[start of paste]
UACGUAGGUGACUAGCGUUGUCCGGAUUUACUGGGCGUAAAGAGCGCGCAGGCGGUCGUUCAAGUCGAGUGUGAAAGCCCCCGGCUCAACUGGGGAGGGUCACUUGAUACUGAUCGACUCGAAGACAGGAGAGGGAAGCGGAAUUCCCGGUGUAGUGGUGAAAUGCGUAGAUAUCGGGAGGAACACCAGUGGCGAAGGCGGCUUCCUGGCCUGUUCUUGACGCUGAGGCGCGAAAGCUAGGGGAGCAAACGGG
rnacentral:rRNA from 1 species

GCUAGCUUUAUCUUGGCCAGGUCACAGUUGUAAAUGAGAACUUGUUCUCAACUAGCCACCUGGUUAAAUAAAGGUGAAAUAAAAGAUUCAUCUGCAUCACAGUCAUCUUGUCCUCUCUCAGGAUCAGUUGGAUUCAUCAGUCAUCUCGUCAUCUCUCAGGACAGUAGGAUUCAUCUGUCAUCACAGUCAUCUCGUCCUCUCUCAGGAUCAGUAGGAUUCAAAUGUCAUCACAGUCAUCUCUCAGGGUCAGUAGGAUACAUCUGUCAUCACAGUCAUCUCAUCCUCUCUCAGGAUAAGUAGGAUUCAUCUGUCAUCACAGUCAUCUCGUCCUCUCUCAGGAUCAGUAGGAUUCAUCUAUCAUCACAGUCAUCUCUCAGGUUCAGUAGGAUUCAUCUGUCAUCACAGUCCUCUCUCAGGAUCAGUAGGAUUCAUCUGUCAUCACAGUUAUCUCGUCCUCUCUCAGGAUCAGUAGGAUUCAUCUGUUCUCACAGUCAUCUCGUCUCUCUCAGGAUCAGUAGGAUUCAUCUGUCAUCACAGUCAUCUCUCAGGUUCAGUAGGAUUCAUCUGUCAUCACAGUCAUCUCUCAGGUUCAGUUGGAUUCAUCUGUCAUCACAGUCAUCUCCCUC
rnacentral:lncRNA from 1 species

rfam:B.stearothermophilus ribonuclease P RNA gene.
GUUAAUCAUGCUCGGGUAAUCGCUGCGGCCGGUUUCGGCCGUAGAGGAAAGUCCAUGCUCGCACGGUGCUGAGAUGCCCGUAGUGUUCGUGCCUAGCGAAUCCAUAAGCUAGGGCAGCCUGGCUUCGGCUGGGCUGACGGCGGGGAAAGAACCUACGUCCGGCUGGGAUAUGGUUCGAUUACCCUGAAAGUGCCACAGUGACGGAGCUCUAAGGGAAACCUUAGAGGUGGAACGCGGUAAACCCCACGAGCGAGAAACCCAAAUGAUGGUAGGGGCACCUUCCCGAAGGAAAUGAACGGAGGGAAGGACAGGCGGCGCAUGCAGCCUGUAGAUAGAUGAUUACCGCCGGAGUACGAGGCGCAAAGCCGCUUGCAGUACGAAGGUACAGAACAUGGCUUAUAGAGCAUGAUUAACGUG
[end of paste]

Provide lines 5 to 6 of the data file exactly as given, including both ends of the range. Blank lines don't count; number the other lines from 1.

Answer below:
rfam:B.stearothermophilus ribonuclease P RNA gene.
GUUAAUCAUGCUCGGGUAAUCGCUGCGGCCGGUUUCGGCCGUAGAGGAAAGUCCAUGCUCGCACGGUGCUGAGAUGCCCGUAGUGUUCGUGCCUAGCGAAUCCAUAAGCUAGGGCAGCCUGGCUUCGGCUGGGCUGACGGCGGGGAAAGAACCUACGUCCGGCUGGGAUAUGGUUCGAUUACCCUGAAAGUGCCACAGUGACGGAGCUCUAAGGGAAACCUUAGAGGUGGAACGCGGUAAACCCCACGAGCGAGAAACCCAAAUGAUGGUAGGGGCACCUUCCCGAAGGAAAUGAACGGAGGGAAGGACAGGCGGCGCAUGCAGCCUGUAGAUAGAUGAUUACCGCCGGAGUACGAGGCGCAAAGCCGCUUGCAGUACGAAGGUACAGAACAUGGCUUAUAGAGCAUGAUUAACGUG